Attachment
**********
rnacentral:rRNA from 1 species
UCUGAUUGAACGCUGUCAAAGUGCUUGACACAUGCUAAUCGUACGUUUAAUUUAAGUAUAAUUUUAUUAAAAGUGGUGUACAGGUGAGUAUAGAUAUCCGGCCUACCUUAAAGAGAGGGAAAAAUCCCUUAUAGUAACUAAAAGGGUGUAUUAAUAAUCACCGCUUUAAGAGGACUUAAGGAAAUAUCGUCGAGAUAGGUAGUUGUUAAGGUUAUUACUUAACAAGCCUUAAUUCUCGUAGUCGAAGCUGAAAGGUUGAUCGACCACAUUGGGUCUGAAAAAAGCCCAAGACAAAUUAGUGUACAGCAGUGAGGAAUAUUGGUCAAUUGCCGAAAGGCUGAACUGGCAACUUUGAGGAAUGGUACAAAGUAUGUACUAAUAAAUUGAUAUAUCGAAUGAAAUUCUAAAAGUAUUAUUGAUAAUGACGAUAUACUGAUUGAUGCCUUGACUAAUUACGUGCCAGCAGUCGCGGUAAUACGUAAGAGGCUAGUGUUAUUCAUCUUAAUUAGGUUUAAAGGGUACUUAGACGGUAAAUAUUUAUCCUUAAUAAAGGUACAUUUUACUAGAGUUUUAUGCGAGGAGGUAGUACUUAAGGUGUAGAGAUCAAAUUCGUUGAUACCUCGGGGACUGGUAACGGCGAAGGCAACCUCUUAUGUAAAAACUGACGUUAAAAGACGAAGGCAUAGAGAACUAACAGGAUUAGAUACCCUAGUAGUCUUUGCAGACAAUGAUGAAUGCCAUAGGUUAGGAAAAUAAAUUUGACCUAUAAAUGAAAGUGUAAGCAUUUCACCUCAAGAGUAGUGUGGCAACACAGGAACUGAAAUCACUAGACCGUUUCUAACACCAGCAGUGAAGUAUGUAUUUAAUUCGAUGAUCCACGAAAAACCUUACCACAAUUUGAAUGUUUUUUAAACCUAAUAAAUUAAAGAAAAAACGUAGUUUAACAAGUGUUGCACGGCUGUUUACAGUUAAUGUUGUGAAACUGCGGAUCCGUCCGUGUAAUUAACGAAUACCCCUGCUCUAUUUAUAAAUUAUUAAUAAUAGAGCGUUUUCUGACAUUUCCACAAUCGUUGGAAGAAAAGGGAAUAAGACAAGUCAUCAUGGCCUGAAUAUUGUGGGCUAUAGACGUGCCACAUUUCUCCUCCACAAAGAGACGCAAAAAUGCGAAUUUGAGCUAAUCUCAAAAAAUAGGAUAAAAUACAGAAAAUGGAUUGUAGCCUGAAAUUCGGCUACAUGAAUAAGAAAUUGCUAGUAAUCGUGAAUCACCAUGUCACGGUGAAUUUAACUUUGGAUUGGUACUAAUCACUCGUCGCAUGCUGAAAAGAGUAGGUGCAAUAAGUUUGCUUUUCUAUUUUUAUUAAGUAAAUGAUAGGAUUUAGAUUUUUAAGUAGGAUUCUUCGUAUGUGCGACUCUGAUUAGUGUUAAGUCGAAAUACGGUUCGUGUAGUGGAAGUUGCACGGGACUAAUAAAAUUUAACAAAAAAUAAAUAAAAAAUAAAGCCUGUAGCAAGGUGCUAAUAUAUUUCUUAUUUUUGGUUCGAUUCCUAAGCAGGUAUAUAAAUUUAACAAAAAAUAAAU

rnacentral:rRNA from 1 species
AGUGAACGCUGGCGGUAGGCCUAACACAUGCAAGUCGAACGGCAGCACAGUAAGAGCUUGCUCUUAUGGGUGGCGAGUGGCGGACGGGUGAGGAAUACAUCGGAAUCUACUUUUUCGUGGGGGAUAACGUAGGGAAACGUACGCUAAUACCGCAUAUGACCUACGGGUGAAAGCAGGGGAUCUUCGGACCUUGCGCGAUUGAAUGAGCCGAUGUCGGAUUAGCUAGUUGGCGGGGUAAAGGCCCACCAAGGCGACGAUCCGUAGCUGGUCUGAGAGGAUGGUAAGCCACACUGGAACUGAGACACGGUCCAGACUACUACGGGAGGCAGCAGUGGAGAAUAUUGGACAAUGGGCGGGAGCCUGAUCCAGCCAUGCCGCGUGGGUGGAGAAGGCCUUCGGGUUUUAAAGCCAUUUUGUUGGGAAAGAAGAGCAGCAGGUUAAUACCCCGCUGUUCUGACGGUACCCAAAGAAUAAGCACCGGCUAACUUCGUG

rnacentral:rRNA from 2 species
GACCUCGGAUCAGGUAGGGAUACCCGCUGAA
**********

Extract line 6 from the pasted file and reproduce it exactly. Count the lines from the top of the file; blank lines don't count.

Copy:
GACCUCGGAUCAGGUAGGGAUACCCGCUGAA